A(nother) Eulogy to Nujabes

There are many articles, tribute albums and everyday confessions, praising the music and the short life of Nujabes. But despite being on the verge of overconsumption (or even exploitation), one can argue that they are not merely enough. How did this artist become so great in the eyes and ears of beat-makers and listeners?


Someone might reluctantly point out that most of Nujabes’ music is just a nice sample "with a beat on top", after all Counting Stars is José Feliciano's ‘Affirmation’, and Luv(sic) Part 2 just the intro of Qualquer Dia looped over and over. Other songs that are original compositions, usually feature Uyama Hiroto on the piano. So, how come Nujabes is so acknowledged and praised in the Hip-Hop community? Ridiculous as these questions may be, they do hold a certain amount of justification, particularly for someone not familiar with the craftsmanship behind his workflow. 

But what differentiates Nujabes from almost all beat-makers, is not his ability to compose or arrange complicated songs, rather his unique gift to identify, project and quantify the emotional elements of a piece. He managed to do that with such a level of artistry, making you grow a very personal bond with the song even if you’re listening it for the first time. Nujabes’ songs come packed with so much longing, reminiscence and bittersweetness, effortlessly accommodating every meaningful moment in your life. They demand an emotional response, whether that be joy, sorrow or anything in between.

And that quality is far more important (and rare) than many others commonly praised in the music world, like how "catchy" a tune is, or its production values. Because these attributes, important as they may be, they can't replace the deep connection you develop with a song that can stimulate your emotions. Sure, a catchy melody will ensure that by listening a song once, you will humm it for the rest of the week, but after that? Or how about when you feel down?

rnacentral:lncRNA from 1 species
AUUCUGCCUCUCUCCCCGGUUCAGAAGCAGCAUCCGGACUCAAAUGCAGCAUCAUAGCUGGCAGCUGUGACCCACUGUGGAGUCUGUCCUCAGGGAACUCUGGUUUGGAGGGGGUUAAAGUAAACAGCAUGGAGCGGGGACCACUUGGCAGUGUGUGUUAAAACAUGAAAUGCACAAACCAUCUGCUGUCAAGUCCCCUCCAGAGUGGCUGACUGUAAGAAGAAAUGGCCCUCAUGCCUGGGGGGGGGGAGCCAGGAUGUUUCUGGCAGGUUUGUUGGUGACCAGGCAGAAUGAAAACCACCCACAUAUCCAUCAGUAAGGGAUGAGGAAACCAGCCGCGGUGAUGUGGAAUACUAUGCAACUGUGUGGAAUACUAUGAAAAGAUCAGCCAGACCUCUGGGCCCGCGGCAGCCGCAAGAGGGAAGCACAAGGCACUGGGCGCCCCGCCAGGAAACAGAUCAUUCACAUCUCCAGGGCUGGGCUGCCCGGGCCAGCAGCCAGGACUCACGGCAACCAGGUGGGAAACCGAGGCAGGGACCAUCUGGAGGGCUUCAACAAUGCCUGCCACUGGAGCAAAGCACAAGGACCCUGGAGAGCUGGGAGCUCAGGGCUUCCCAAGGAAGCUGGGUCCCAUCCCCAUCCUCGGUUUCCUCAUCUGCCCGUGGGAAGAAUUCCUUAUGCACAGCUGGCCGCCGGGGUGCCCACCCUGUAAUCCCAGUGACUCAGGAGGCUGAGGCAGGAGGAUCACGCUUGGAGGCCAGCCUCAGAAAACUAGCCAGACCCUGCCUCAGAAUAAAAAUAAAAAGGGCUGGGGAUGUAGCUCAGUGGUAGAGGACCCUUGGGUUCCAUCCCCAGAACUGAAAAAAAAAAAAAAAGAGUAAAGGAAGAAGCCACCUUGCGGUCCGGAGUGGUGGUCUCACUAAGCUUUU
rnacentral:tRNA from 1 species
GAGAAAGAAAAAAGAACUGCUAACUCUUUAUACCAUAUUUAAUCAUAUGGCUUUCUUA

Songs that have this almost spiritual quality are usually the ones that stay with you for the rest of your days, and acquire analogous importance to songs from your teenage years. And Nujabes' songs don't just have this quality,they rather are this quality, served raw, "with a beat on top". Consequently, one cannot help but put Nujabes and his music on very high regard and praise him on every opportunity.

Nonetheless, it should be mentioned that somewhat responsible for the broader honoring of Nujabes is also his tragic passing, as well as the limited amount of resources outside his actual music. The fact that this is the only video of the man himself, and that there are no interviews or excerpts of his words, or that even his pictures can be counted in the fingers of one hand, is the perfect remedy for further glorification.

But this also allows for a very personal relation to the music, since it's neither represented nor spelled out. In a way, the music he left behind is for everyone to take, be influenced by and eventually evolve. Nujabes’ music can be heard through countless artists, and it’s instantly identifiable by the attempt to provoke an analogous emotional response. Examples such as nitsua or Leehahn are only scatters in a genre that has been completely transformed since Nujabes briefly passed through it.

Undoubtedly, Jun departed early, as did many greats before him. He did manage however to influence the world for the better, and also inspire a whole generation (so far) of musicians, beat-makers and listeners. And that is every musician's ultimate aspiration.